USNI News polled its writers, naval analysts and service members on what they consider the most important military and maritime stories in 2017.
The following is part of a series. Please also see Top Stories 2017: Navy Acquisition, International Acquisition, Navy Operations, Marine Corps Operations, Marine Corps and Coast Guard Acquisition and New Administration.
Estonian army scouts from 1st Battalion practicing their defensive maneuvers during Exercise SIIL/Steadfast Javelin in 2015. NATO Photo
Estonia, Latvia and Lithuania are three important U.S. allies who present a tempting target to the Kremlin to distract from Russia’s ongoing involvement in Ukraine, a panel of experts said Tuesday. Read More
Construction Mechanic 2nd Class Steven Montgomery, assigned to Naval Mobile Construction Battalion (NMCB) 1, directs an amphibious assault vehicle during exercise BALTOPS 17 in Putlos, Germany. US Navy Photo
ABOARD AMPHIBIOUS WARSHIP USS ARLINGTON — BALTOPS 2017, now in its 45th year as an annual naval exercise, took place during the first two weeks of June in a Baltic Sea region that continues to be tense with Russia’s continued assertiveness, which became apparent with the violent annexation of Crimea from Ukraine in 2014. Read More
U.S. Marines with 3rd Battalion, 8th Marines deployed from Camp Lejeune, North Carolina, land their amphibious assault vehicles ashore at Uto, Sweden, on June 10, 2016, during BALTOPS 2016. The 2016 exercise focused on challenging amphibious landings in the northern part of the Baltic Sea, whereas this year will focus on air integration and will primarily take place in the southern part of the Baltic Sea. US Navy photo.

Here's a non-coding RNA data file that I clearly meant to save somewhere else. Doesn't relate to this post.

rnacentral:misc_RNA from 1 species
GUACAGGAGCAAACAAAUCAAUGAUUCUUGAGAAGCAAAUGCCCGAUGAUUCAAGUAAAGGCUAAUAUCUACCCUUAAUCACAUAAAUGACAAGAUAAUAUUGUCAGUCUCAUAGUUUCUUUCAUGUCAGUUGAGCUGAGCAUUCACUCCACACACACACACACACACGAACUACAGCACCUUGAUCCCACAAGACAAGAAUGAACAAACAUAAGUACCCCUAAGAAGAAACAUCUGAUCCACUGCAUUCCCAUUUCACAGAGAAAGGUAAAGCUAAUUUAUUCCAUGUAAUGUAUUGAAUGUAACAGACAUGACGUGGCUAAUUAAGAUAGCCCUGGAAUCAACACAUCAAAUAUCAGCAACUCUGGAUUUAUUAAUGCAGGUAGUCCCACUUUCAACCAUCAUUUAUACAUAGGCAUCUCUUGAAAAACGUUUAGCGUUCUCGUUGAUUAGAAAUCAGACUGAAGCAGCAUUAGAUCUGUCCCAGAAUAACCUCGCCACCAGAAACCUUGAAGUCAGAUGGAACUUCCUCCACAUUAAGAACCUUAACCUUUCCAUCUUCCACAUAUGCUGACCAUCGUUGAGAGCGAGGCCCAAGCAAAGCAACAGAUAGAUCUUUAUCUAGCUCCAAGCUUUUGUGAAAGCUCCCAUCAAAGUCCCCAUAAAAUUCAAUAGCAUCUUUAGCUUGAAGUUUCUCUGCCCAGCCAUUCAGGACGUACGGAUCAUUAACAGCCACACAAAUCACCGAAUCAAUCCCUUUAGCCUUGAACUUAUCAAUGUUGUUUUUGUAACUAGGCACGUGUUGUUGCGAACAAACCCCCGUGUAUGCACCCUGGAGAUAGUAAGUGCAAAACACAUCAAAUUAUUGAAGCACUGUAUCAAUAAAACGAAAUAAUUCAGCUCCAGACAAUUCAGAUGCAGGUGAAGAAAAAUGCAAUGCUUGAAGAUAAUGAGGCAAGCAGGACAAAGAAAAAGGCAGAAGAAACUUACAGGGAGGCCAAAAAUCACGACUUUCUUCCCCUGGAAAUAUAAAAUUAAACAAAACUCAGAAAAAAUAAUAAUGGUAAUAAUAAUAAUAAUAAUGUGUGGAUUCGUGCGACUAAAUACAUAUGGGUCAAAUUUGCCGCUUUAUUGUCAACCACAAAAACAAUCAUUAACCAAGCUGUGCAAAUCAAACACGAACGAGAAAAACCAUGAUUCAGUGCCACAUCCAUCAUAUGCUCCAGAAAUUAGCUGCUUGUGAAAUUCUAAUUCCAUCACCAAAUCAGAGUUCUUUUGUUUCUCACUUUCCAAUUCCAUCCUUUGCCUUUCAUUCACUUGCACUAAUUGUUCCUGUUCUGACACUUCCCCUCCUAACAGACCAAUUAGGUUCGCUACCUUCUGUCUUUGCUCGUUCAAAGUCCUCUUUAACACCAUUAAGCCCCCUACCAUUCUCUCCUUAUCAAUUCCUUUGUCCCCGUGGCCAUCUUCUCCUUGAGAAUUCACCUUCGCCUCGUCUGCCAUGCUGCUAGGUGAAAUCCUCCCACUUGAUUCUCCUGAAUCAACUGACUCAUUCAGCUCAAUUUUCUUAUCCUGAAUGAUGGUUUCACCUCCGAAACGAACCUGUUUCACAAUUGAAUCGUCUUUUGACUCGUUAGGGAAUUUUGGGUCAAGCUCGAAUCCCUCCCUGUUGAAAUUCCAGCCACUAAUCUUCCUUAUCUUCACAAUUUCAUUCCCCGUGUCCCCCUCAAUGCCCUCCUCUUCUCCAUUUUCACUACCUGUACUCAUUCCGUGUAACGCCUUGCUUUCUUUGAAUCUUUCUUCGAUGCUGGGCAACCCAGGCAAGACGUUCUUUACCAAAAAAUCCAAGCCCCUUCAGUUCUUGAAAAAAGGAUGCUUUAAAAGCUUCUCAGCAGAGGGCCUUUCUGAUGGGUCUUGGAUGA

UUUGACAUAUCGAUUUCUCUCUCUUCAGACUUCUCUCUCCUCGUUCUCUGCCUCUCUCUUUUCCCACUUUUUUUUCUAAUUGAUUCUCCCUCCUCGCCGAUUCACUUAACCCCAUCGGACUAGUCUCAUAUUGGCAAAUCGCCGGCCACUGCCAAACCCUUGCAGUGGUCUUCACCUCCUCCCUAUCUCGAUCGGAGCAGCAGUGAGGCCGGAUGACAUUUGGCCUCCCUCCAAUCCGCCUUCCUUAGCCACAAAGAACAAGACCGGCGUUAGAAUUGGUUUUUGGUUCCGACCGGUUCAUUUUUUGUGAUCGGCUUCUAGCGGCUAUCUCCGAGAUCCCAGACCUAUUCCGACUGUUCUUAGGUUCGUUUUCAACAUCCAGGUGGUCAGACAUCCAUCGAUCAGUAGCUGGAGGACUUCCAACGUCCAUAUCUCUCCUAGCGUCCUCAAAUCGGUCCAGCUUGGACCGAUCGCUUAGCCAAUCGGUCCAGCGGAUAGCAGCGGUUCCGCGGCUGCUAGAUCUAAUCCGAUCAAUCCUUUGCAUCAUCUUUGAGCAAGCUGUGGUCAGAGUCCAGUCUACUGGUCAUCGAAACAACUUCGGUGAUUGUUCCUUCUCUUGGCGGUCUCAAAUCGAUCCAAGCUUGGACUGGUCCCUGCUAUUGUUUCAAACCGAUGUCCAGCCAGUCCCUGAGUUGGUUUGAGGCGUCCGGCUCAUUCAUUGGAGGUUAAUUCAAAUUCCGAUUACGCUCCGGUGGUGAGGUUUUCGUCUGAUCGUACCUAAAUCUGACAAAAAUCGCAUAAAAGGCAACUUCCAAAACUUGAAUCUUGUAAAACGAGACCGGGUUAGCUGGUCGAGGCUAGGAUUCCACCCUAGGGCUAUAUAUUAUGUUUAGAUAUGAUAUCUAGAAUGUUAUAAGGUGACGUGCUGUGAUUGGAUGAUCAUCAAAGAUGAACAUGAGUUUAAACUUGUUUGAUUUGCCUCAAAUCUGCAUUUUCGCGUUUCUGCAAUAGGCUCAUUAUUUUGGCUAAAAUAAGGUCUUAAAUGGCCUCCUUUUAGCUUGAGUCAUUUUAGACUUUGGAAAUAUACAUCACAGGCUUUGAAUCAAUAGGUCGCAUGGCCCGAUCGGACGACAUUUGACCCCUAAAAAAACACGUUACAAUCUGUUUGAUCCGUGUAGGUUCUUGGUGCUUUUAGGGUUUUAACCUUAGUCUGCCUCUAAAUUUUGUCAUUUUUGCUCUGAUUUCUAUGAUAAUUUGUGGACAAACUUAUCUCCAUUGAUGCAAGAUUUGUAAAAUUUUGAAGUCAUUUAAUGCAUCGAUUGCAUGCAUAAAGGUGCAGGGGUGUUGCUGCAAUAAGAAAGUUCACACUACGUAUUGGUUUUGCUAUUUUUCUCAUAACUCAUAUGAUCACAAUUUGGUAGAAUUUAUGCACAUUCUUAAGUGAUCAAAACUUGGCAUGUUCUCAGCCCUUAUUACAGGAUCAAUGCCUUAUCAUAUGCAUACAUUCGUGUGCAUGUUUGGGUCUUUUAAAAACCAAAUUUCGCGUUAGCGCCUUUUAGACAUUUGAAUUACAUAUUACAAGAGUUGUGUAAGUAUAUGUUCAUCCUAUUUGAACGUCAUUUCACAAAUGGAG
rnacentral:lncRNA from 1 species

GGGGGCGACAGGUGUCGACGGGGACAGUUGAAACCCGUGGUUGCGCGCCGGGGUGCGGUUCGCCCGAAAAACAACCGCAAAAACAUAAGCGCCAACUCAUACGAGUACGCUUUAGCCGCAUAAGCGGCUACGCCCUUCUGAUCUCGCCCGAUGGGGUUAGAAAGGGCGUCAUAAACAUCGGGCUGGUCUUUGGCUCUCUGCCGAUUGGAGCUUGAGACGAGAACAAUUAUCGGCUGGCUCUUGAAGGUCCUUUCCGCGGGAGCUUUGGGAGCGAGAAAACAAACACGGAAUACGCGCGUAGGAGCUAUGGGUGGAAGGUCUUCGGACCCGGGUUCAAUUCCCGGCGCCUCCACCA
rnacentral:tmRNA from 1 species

THE PENTAGON — Fifty ships set sail in the Baltic Sea this week for the annual NATO exercise Baltic Operations (BALTOPS), with this year’s event including a larger aviation component and a larger adversary “red force” in the hopes of creating a realistic scenario for high-end warfare in Europe, the Navy’s 6th Fleet commander told reporters today. Read More
Estonian soldiers wade ashore during a combined U.S. and Estonia amphibious assault training exercise during Baltic Operations (BALTOPS) 2010. US Navy Photo
NATO’s challenge in deterring Russian aggression goes well beyond standing up four multinational battalions in the Baltic nations and Poland; it needs to have the capability to move reinforcements across a contested North Atlantic and Europe, three experts said in assessing the alliance’s recent Warsaw summit. Read More
Russian submarine Severodvinsk
While Russian submarine activity in the Baltic and Mediterranean Seas and the North Atlantic are at their highest levels since the end of the Cold War, its navy has only started to be resourced and its undersea fleet, while “a pocket of competence,” remains small. Read More
US Marines with the Black Sea Rotational Force, fires TOW anti-tank missile on July 8 in Bulgaria. US Marine Corps Photo
By quadrupling spending to counter a mounting threat from Moscow, the United States’ military emphasis in Europe has shifted from reassuring allies and partners to deterring Russia from “exercising malign influence [and using] coercion” to bully countries on its western and southern borders, witnesses told a key House panel Wednesday. Read More
U.S. Marines from India Company, 3rd Battalion, 8th Marine Regiment participate in an amphibious landing exercise in Ustka, Poland, during the NATO exercise BALTOPS 2016. US Navy photo.
NATO members must increase the alliance’s military capabilities, position additional forces in the Baltics and Eastern Europe, establish a maritime force in the Black Sea and bolster its presence in the Arctic, all to counter Russia’s growing military strength and increasingly belligerent behavior toward its neighbors, the Atlantic Council said in a new report. Read More
U.S. Marines with 3rd Battalion, 8th Marines deployed from Camp Lejeune, North Carolina, land their amphibious assault vehicles ashore in Uto, Sweden, during BALTOPS 2016, June 10. US Navy photo.
Seventeen NATO members and partners are wrapping up this year’s BALTOPS exercise, which provided more and more complex training opportunities in amphibious and anti-submarine warfare compared to previous years. Read More
Then-Chief of Naval Operations (CNO) Adm. Jonathan Greenert is piped ashore after touring the Swedish submarine HMS Uppland at Karlskrona Naval Base on July 14, 2015. US Navy photo.
Defense Secretary Ash Carter signed a Statement of Intent with Swedish Defence Minister Peter Hultqvist that aims to increase military capability and interoperability between the two nations. Read More